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Wilfred Owen uses imagery throughout his prose to dramatize the effect of pathos to the reader and to reinforce his negative view on war.The fatigue ridden soldiers in Stanza 1 are depicted as stolid characters as the "All went lame; all blind drunk with fatigue".
The soldiers ignore the "drowning" man – that could not place his helmet on in time – because of the inhumanity the war has afflicted them with.
The "guttering, choking, drowning" of the moribund soldier cloud his dreams and the usage of assonance shows the guilt in his mind and exasperation of the death that has plagued the soldiers.
All went lame; all blind; Drunk with fatigue; deaf even to the hoots Of gas-shells dropping softly behind. If in some smothering dreams, you too could pace Behind the wagon that we flung him in, And watch the white eyes writhing in his face, His hanging face, like a devil’s sick of sin; If you could hear, at every jolt, the blood Come gargling from the froth-corrupted lungs, Obscene as cancer, bitter as the cud Of vile, incurable sores on innocent tongues,— My friend, you would not tell with such high zest To children ardent for some desperate glory, The old Lie: Dulce et decorum est Pro patria mori.
—An ecstasy of fumbling Fitting the clumsy helmets just in time, But someone still was yelling out and stumbling And flound’ring like a man in fire or lime.— Dim through the misty panes and thick green light, As under a green sea, I saw him drowning.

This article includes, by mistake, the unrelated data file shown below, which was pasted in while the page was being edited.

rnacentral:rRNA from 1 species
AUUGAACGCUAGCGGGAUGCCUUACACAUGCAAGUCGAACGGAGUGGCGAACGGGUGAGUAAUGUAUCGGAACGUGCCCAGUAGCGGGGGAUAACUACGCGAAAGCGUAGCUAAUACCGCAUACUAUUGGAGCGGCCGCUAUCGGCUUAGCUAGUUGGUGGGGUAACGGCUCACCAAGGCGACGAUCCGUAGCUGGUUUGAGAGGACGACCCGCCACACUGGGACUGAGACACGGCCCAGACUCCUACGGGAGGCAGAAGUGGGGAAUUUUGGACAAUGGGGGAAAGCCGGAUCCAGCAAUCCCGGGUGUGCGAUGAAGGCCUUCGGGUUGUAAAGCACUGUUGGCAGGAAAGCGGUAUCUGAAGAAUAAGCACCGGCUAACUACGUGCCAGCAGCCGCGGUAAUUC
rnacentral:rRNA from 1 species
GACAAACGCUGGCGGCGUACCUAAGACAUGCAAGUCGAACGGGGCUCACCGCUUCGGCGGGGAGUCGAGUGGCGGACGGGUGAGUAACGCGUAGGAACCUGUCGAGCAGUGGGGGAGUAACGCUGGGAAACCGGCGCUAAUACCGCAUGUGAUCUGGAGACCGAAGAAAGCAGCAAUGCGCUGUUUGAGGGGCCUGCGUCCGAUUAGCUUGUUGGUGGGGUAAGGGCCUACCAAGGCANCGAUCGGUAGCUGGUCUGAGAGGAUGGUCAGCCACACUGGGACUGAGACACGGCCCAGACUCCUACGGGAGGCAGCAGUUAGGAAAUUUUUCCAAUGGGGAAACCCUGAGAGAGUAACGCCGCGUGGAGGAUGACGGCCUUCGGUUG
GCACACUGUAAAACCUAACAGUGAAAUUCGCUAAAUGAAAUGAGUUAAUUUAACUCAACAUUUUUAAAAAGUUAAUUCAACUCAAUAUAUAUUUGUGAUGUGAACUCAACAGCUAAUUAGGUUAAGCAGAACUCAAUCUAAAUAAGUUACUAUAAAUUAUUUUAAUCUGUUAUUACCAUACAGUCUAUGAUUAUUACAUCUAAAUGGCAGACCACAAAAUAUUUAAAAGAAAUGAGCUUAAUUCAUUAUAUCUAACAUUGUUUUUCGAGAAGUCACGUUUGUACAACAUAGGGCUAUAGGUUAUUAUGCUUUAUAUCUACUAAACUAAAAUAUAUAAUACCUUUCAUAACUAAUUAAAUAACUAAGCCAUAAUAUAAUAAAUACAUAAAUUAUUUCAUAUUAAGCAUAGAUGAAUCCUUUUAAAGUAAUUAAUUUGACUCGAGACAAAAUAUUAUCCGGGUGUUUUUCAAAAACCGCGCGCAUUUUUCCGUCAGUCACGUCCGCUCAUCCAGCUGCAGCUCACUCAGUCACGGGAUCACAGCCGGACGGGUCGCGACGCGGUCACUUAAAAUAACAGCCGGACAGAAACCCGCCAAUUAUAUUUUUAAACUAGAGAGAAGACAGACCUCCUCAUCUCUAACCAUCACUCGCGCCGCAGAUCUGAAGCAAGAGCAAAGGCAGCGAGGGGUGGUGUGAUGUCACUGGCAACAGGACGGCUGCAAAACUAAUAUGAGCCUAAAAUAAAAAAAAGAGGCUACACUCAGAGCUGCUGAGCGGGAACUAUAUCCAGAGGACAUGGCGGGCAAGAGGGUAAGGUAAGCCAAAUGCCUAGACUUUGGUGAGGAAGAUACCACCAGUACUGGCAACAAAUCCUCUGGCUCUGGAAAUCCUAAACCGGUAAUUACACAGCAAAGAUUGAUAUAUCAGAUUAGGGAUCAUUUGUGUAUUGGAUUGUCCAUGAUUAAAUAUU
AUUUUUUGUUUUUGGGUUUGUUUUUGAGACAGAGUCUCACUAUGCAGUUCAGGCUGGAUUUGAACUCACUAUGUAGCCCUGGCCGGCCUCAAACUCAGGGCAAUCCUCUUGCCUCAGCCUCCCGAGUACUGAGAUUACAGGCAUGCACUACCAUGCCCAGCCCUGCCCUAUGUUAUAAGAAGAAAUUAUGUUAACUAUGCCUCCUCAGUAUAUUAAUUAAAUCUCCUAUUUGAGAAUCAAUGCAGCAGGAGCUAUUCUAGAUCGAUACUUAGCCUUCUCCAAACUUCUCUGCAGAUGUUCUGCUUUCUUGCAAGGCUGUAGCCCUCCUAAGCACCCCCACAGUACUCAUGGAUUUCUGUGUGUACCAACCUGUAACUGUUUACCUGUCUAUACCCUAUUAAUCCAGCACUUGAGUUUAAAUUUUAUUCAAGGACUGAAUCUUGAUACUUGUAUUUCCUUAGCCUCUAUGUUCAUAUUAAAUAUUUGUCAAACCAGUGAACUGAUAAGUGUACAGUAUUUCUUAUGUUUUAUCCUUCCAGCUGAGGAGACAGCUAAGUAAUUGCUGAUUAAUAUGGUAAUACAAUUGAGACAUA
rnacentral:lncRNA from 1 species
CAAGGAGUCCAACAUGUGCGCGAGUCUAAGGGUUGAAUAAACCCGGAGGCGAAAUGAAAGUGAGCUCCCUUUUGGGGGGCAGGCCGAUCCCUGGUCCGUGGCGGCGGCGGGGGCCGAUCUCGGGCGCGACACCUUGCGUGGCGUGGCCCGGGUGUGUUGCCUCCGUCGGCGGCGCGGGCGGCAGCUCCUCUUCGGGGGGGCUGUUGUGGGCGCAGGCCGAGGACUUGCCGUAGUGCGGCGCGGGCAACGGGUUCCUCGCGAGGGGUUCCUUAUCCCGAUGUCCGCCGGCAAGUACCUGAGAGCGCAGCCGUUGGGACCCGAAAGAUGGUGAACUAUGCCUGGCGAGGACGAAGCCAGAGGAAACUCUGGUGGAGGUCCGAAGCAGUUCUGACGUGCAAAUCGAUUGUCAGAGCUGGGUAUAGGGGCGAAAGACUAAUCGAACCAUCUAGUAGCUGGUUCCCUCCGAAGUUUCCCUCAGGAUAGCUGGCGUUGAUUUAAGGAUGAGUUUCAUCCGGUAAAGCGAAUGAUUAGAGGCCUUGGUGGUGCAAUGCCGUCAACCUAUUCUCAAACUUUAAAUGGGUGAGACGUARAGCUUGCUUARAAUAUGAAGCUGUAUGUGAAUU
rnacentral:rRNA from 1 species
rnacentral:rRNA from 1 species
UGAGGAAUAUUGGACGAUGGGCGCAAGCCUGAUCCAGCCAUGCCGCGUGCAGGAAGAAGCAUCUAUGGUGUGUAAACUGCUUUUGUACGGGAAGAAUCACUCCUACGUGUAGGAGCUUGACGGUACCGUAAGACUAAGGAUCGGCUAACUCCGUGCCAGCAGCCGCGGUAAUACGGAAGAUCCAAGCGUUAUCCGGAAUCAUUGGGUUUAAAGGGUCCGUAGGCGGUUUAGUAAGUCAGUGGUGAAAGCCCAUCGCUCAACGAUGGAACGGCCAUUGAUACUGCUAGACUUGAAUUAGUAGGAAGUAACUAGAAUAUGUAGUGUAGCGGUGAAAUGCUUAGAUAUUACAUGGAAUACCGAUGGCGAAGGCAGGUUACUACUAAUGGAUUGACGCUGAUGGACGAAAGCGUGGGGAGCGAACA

Owen also describes what the young lad's face looks like "Devils sick of sin", this painfully illustrates how the life is ebbing away from him and that the skin is just hanging on his face.
In the fifth and final stanza Owen makes a heroic and very public stand, by challenging the newspaper columnists, back home in England, that if they had seen the horrors that he had witnessed, then maybe, they would not be so quick impose their na�ve views of how good it is to die for "Ones country".
Literary devices are used to bring richness and clarity to the texts.
The writers and poets use them to make their texts appealing and meaningful.
In the second stanza the tone changes to one of questioning hopelessness and of quiet resignation with the onset of death.
Owen demonstrates this by asking the reader to think, "Think how it wakes the seeds- Woke, once, the clays of a cold star".